3) Luxurious bathrooms: The one thing nearly every private club gets right.  The washroom should be a refuge, a place that conveys calm and comfort, even if it’s just a five-minute break from your dinner guests. Real cloth towels, big deep sinks for washing up, stalls the size of studio apt. kitchens–restaurants have so many chances to win guests over, and this is one more.

4) Foreign newspapers on a stick: I love reading foreign papers and taking a late lunch, especially in a place like Café Sabarsky or Artisanal, where so much effort goes into making the setting feel effortlessly like somewhere I’d rather be. Of course, I can’t read German, but I like having the option and I do read Le Monde at Artisanal.

5 ) Stemware that’s as nice or nicer than the wine I’ve ordered: Nothing seems stingier than serving the good stuff warm or in a thick clumsily blown glass. Nothing seems more generous than dressing up my bottom of the menu selection with the newest crystal from Austria.

5 Best and Worst Evansville Eats: Joys and killjoys

December 21, 2006

1) Hilltop Inn. Parking lot promisingly packed with broad-bodied sedans and the enthusiastic eaters who stress their suspensions. The clientele is heavy on hairspray, light on cynicism and full of enthusiasm for the best of the animal kingdom.

Order the fried brain sandwich once–it’s justifiably advertised as the house specialty– and you’ll never doubt again. Deeply, delicately and lovingly fried, the pork brains are as slippery rich as grilled foie gras. A tempura light coating holds them snug and moist against the good locally baked buns.

Veteran cerebrophages proclaim “There’s no better way to get smarter than to have more brains.” Who am I to argue with such compelling logic? Some grouse that the pig brains aren’t as tender and delicious as the calves’ brains that the Hilltop used to serve—the switch was made when Mad Cow Disease broke out—but for my money, Wilbur the Pig’s smarter than Ferdinand the Bull, and just as tasty.

Add the greaseless onion rings and a brace of beers for the perfect Friday lunch.  Fried pickles are also a must.

2) Gerst Haus: A jewel on the German West Side of town. Thanks to its seamless repurposing of an old dry goods store, this recent Nashville transplant feels like it’s been around for years. Dozens of beers on tap or by the bottle, a great selection of sausages and schnitzels and, above all, creative sides from the less noble animal parts. Kraut balls sound unappetizing, but they transform castoffs into fried meat ball magic. Especially tempting to hoard when paired with tart cream cheese sauce. Dig into an order or two, plus pig knuckles and fried pickles. N.B. If you’re a mustard fan, bring your own. The house only has ballpark French’s. I tried a dab once on my brat–it was like the first scratch on a new car.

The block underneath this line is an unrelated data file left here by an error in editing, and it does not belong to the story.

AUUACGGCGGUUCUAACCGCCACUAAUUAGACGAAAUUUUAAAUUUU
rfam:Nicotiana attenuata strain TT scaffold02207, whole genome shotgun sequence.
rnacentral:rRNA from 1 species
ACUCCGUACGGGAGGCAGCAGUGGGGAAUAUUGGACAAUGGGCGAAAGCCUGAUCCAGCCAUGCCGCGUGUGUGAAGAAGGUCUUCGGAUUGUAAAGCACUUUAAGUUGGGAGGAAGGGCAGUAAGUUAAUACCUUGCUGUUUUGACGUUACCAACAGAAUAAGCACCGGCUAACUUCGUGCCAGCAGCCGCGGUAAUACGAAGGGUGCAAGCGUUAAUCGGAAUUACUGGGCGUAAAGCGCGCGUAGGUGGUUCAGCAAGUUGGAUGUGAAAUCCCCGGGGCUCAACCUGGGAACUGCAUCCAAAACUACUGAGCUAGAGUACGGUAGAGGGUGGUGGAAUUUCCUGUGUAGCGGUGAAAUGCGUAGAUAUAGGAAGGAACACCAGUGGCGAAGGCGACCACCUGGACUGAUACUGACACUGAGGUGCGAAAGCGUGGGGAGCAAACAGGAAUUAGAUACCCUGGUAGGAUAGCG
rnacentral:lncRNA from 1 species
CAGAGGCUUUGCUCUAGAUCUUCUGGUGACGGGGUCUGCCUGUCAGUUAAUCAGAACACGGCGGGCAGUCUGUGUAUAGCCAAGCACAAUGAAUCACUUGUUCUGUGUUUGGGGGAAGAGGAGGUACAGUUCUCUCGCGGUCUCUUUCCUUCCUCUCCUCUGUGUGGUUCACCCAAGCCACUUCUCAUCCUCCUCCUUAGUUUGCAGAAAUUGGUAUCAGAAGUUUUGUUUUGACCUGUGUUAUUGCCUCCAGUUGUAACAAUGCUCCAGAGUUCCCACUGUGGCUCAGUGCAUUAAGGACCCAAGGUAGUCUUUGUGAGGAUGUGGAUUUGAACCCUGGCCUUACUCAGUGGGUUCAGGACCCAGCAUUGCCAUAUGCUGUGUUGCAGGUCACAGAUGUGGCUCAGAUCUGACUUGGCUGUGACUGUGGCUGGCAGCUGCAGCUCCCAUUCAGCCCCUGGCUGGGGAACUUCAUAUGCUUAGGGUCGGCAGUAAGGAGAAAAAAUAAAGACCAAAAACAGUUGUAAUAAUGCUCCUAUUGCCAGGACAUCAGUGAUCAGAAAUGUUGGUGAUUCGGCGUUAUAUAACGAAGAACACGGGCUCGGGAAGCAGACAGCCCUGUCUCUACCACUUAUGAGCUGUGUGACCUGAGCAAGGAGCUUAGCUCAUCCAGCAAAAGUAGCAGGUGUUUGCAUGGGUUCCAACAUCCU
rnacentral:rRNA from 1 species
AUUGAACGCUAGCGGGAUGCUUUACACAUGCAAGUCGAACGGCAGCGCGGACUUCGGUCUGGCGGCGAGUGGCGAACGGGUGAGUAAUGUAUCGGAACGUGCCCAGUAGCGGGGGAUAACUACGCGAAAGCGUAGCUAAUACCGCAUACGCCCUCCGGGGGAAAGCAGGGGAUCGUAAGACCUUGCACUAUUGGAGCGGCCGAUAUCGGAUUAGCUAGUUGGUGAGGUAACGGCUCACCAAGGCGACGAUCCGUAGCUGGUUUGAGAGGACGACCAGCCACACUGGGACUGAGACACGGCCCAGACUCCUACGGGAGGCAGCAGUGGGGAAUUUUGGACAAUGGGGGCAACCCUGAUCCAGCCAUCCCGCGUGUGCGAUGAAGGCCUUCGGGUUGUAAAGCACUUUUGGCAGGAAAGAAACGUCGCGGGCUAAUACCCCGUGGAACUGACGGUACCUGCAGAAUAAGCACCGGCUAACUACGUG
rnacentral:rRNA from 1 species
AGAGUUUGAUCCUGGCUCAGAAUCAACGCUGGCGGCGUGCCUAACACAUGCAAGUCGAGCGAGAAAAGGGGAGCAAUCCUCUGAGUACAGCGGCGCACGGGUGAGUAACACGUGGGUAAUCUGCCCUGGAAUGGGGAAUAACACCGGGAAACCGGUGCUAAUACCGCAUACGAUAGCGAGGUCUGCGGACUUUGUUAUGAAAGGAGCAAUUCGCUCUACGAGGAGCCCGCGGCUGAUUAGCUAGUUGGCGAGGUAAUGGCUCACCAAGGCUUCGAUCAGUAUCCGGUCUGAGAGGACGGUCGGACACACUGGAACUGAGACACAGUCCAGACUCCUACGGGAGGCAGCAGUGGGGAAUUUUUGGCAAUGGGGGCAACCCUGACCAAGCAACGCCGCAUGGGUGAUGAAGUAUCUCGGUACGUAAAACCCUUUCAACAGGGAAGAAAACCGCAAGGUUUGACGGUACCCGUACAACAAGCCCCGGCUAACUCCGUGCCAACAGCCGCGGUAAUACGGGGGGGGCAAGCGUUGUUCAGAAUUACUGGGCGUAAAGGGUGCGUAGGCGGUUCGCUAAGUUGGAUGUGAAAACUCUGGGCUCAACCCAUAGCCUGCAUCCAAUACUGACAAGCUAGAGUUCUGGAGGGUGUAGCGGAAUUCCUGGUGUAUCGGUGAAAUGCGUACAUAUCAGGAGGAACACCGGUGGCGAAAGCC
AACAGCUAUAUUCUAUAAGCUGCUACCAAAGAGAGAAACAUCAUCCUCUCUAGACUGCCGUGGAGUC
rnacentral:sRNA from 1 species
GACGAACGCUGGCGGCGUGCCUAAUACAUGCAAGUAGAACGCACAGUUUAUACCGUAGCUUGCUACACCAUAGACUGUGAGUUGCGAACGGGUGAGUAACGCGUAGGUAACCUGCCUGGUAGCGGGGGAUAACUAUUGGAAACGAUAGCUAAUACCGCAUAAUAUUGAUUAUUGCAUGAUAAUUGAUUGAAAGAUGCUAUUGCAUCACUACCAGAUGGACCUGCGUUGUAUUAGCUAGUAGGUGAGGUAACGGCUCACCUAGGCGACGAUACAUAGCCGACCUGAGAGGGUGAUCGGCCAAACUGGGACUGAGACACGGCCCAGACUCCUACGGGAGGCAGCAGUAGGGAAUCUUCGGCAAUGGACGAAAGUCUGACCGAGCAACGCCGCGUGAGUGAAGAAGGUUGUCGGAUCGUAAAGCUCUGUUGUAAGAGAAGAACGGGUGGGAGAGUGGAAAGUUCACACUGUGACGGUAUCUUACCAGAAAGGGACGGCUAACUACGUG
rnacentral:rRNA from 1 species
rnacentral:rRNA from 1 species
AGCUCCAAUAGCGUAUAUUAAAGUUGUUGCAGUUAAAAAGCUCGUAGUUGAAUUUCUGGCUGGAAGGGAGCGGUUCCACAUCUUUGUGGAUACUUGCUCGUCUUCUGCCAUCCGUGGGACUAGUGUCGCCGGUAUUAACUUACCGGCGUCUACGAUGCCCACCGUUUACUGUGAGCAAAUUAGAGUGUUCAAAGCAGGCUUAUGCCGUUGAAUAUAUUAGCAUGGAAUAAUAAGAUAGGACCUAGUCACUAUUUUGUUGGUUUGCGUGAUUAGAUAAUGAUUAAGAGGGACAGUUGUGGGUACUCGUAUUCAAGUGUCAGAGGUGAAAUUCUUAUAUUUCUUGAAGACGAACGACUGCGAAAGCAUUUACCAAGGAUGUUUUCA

3) Madeleine’s: I include this restaurant more for great ambition than execution. It’s Evansville’s loudest and bravest salvo against the kudzu-like growth of chain restaurants on Green River Road and a laudable outgrowth of the movement to restore dowtown’s old homes to their former glory. Nonetheless, this restaurant and this downtown have a long way to go.

Use of fresh and seasonal ingredients is laudable, and often successful. Who can argue with the chef’s own garden tomatoes, especially when they’re far more varied than the garden varieties we grew up with? Regional meat sourcing, including delicious elk steaks, are also an impressive demonstration that Midwestern cuisine is not an oxymoron.

Still, plenty’s off with the chef’s vision. Appetizers were an unappetizing mishmash of Asia, Mexico and mid-80’s California, more confusion than fusion. Mains were paired with far too many sides. The idea was abundance; the effect was incoherence. Plenty of potential, just a lack of editing.

Service was also a bit off, as one would expect in a smaller market. Madeleine’s struggles to reconcile the sophistication of its menu with its woefully undertrained front of house. Dropped plates, dropped orders and a compulsive need to educate–calamari is Italian for squid–didn’t suggest ill will just poor preparation.

To get the front of house up to speed, I suggest that Madeleine’s hit up the University of Evansville’s excellent Drama School for some new servers. Those aspiring actors know how to carry themselves, carry an order and memorize a script (no peeking at the specials lists during the recitation). Besides, if they ever want to make it in New York, they might as well work on their inevitable full-time job skills as soon as possible.

Finally, wine servers needs to control wine temperature–room temperature doesn’t mean room temperature–and denote vintage years. With a bit of time to work out the kinks, I’m hopeful that Madeleine’s wil be the place to raise Stoplight City’s dining standards.

4) Lic’s: Quirky spelling aside, you won’t get your “Lic’s” on Rt. 66. Rather head to Lincoln Avenue for the best milkshake in town. Pick up a shake to go and cruise aimlessly. Try not to think how expensive gasoline is.

5) Aztar Casino: The name is suggestive of the quality of food. Plus, a little traipse through the slots room can make for the most expensive meal of your life. Why not go to Louisville for the night and pronounce yourself frugal for having avoided the one-armed bandits? Have a second mint julep while you celebrate beating the house by never going there in the first place.

York Grill: Lo bueno, lo malo y lo feo

December 20, 2006

Lo bueno:

1) Warmth of service at the door: Maitre d’  projects relaxation and comfort.  He’s happy to see you, but not desperately so, even if, or especially if, you’re  not a regular.

2) Bar space up front: Bar stools and lounge seating are comfortable and sophisticated touches, especially in the gastro-desert around Asphalt Green.